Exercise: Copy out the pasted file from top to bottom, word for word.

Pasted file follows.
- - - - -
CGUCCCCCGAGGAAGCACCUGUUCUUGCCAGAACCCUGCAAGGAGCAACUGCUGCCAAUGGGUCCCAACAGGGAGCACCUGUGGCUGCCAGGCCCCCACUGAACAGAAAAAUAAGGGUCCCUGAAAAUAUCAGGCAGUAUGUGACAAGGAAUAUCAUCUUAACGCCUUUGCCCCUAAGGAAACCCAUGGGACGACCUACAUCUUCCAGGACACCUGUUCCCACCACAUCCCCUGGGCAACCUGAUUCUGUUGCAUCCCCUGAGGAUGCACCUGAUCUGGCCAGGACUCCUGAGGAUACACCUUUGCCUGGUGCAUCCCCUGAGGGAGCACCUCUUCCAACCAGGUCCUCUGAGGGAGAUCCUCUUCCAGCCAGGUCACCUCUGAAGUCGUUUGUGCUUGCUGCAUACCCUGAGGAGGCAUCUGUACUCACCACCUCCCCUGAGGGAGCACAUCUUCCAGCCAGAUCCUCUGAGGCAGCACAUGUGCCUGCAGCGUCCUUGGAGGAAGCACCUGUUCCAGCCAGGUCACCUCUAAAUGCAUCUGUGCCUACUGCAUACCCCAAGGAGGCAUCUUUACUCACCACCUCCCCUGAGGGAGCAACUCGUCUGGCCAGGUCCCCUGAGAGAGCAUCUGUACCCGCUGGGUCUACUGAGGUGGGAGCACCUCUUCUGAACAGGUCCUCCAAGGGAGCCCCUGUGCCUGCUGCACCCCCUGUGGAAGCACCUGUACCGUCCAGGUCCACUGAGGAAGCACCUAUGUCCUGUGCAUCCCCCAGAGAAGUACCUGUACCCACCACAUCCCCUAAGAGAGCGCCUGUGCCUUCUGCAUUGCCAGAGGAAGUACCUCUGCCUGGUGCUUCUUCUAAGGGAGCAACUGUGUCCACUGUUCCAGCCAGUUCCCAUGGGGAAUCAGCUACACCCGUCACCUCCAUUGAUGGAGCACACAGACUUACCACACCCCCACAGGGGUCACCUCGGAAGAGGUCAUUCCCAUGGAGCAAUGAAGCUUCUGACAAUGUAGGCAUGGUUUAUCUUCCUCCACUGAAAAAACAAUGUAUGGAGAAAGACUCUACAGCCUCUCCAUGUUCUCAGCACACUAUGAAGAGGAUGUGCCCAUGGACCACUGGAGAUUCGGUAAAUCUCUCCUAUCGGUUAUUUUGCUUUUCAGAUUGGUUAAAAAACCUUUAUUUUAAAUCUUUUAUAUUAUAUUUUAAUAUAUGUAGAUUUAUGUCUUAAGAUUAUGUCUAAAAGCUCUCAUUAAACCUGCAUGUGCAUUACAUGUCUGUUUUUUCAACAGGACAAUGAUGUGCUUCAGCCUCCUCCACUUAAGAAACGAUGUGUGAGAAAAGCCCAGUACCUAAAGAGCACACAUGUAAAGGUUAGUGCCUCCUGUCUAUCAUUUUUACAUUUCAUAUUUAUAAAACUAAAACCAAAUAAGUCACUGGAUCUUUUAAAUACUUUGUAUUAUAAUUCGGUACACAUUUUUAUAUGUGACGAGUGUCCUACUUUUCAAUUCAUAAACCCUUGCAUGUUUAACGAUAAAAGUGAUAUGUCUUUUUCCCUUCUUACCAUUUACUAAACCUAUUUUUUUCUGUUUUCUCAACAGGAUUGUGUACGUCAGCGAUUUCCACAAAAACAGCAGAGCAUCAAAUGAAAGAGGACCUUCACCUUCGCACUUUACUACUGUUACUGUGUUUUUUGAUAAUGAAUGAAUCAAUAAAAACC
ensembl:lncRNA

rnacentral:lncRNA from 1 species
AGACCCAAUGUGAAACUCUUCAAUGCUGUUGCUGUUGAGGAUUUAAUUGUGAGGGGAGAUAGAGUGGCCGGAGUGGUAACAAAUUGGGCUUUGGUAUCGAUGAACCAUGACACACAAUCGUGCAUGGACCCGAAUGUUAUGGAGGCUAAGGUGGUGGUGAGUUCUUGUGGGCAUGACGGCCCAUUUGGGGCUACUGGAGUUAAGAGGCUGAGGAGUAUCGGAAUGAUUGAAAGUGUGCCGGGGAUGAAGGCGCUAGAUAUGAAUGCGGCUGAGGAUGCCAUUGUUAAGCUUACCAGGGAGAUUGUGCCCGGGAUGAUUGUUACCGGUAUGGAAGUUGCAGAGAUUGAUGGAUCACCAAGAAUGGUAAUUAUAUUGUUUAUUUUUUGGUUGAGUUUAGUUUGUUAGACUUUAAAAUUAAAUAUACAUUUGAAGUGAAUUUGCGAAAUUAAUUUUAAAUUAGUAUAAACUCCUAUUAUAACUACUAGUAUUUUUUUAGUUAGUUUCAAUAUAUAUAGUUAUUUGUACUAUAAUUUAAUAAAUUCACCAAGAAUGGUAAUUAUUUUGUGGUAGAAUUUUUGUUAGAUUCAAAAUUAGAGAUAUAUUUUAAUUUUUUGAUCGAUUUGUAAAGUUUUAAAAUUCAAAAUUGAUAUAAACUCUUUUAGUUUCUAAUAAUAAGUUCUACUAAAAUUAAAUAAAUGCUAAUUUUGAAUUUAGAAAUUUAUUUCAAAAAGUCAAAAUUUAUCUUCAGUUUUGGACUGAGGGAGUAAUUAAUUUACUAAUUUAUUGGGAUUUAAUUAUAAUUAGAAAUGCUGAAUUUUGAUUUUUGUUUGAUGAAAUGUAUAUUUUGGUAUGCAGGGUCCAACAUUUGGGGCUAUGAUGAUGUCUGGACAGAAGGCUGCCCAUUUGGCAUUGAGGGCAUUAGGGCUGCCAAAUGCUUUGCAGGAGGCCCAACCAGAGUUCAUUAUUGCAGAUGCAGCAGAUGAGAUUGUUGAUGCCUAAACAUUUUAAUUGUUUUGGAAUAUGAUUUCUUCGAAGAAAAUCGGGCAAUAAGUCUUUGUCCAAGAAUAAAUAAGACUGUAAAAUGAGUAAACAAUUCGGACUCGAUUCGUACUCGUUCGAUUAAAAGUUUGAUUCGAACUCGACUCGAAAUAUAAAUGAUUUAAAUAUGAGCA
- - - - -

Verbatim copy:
CGUCCCCCGAGGAAGCACCUGUUCUUGCCAGAACCCUGCAAGGAGCAACUGCUGCCAAUGGGUCCCAACAGGGAGCACCUGUGGCUGCCAGGCCCCCACUGAACAGAAAAAUAAGGGUCCCUGAAAAUAUCAGGCAGUAUGUGACAAGGAAUAUCAUCUUAACGCCUUUGCCCCUAAGGAAACCCAUGGGACGACCUACAUCUUCCAGGACACCUGUUCCCACCACAUCCCCUGGGCAACCUGAUUCUGUUGCAUCCCCUGAGGAUGCACCUGAUCUGGCCAGGACUCCUGAGGAUACACCUUUGCCUGGUGCAUCCCCUGAGGGAGCACCUCUUCCAACCAGGUCCUCUGAGGGAGAUCCUCUUCCAGCCAGGUCACCUCUGAAGUCGUUUGUGCUUGCUGCAUACCCUGAGGAGGCAUCUGUACUCACCACCUCCCCUGAGGGAGCACAUCUUCCAGCCAGAUCCUCUGAGGCAGCACAUGUGCCUGCAGCGUCCUUGGAGGAAGCACCUGUUCCAGCCAGGUCACCUCUAAAUGCAUCUGUGCCUACUGCAUACCCCAAGGAGGCAUCUUUACUCACCACCUCCCCUGAGGGAGCAACUCGUCUGGCCAGGUCCCCUGAGAGAGCAUCUGUACCCGCUGGGUCUACUGAGGUGGGAGCACCUCUUCUGAACAGGUCCUCCAAGGGAGCCCCUGUGCCUGCUGCACCCCCUGUGGAAGCACCUGUACCGUCCAGGUCCACUGAGGAAGCACCUAUGUCCUGUGCAUCCCCCAGAGAAGUACCUGUACCCACCACAUCCCCUAAGAGAGCGCCUGUGCCUUCUGCAUUGCCAGAGGAAGUACCUCUGCCUGGUGCUUCUUCUAAGGGAGCAACUGUGUCCACUGUUCCAGCCAGUUCCCAUGGGGAAUCAGCUACACCCGUCACCUCCAUUGAUGGAGCACACAGACUUACCACACCCCCACAGGGGUCACCUCGGAAGAGGUCAUUCCCAUGGAGCAAUGAAGCUUCUGACAAUGUAGGCAUGGUUUAUCUUCCUCCACUGAAAAAACAAUGUAUGGAGAAAGACUCUACAGCCUCUCCAUGUUCUCAGCACACUAUGAAGAGGAUGUGCCCAUGGACCACUGGAGAUUCGGUAAAUCUCUCCUAUCGGUUAUUUUGCUUUUCAGAUUGGUUAAAAAACCUUUAUUUUAAAUCUUUUAUAUUAUAUUUUAAUAUAUGUAGAUUUAUGUCUUAAGAUUAUGUCUAAAAGCUCUCAUUAAACCUGCAUGUGCAUUACAUGUCUGUUUUUUCAACAGGACAAUGAUGUGCUUCAGCCUCCUCCACUUAAGAAACGAUGUGUGAGAAAAGCCCAGUACCUAAAGAGCACACAUGUAAAGGUUAGUGCCUCCUGUCUAUCAUUUUUACAUUUCAUAUUUAUAAAACUAAAACCAAAUAAGUCACUGGAUCUUUUAAAUACUUUGUAUUAUAAUUCGGUACACAUUUUUAUAUGUGACGAGUGUCCUACUUUUCAAUUCAUAAACCCUUGCAUGUUUAACGAUAAAAGUGAUAUGUCUUUUUCCCUUCUUACCAUUUACUAAACCUAUUUUUUUCUGUUUUCUCAACAGGAUUGUGUACGUCAGCGAUUUCCACAAAAACAGCAGAGCAUCAAAUGAAAGAGGACCUUCACCUUCGCACUUUACUACUGUUACUGUGUUUUUUGAUAAUGAAUGAAUCAAUAAAAACC
ensembl:lncRNA

rnacentral:lncRNA from 1 species
AGACCCAAUGUGAAACUCUUCAAUGCUGUUGCUGUUGAGGAUUUAAUUGUGAGGGGAGAUAGAGUGGCCGGAGUGGUAACAAAUUGGGCUUUGGUAUCGAUGAACCAUGACACACAAUCGUGCAUGGACCCGAAUGUUAUGGAGGCUAAGGUGGUGGUGAGUUCUUGUGGGCAUGACGGCCCAUUUGGGGCUACUGGAGUUAAGAGGCUGAGGAGUAUCGGAAUGAUUGAAAGUGUGCCGGGGAUGAAGGCGCUAGAUAUGAAUGCGGCUGAGGAUGCCAUUGUUAAGCUUACCAGGGAGAUUGUGCCCGGGAUGAUUGUUACCGGUAUGGAAGUUGCAGAGAUUGAUGGAUCACCAAGAAUGGUAAUUAUAUUGUUUAUUUUUUGGUUGAGUUUAGUUUGUUAGACUUUAAAAUUAAAUAUACAUUUGAAGUGAAUUUGCGAAAUUAAUUUUAAAUUAGUAUAAACUCCUAUUAUAACUACUAGUAUUUUUUUAGUUAGUUUCAAUAUAUAUAGUUAUUUGUACUAUAAUUUAAUAAAUUCACCAAGAAUGGUAAUUAUUUUGUGGUAGAAUUUUUGUUAGAUUCAAAAUUAGAGAUAUAUUUUAAUUUUUUGAUCGAUUUGUAAAGUUUUAAAAUUCAAAAUUGAUAUAAACUCUUUUAGUUUCUAAUAAUAAGUUCUACUAAAAUUAAAUAAAUGCUAAUUUUGAAUUUAGAAAUUUAUUUCAAAAAGUCAAAAUUUAUCUUCAGUUUUGGACUGAGGGAGUAAUUAAUUUACUAAUUUAUUGGGAUUUAAUUAUAAUUAGAAAUGCUGAAUUUUGAUUUUUGUUUGAUGAAAUGUAUAUUUUGGUAUGCAGGGUCCAACAUUUGGGGCUAUGAUGAUGUCUGGACAGAAGGCUGCCCAUUUGGCAUUGAGGGCAUUAGGGCUGCCAAAUGCUUUGCAGGAGGCCCAACCAGAGUUCAUUAUUGCAGAUGCAGCAGAUGAGAUUGUUGAUGCCUAAACAUUUUAAUUGUUUUGGAAUAUGAUUUCUUCGAAGAAAAUCGGGCAAUAAGUCUUUGUCCAAGAAUAAAUAAGACUGUAAAAUGAGUAAACAAUUCGGACUCGAUUCGUACUCGUUCGAUUAAAAGUUUGAUUCGAACUCGACUCGAAAUAUAAAUGAUUUAAAUAUGAGCA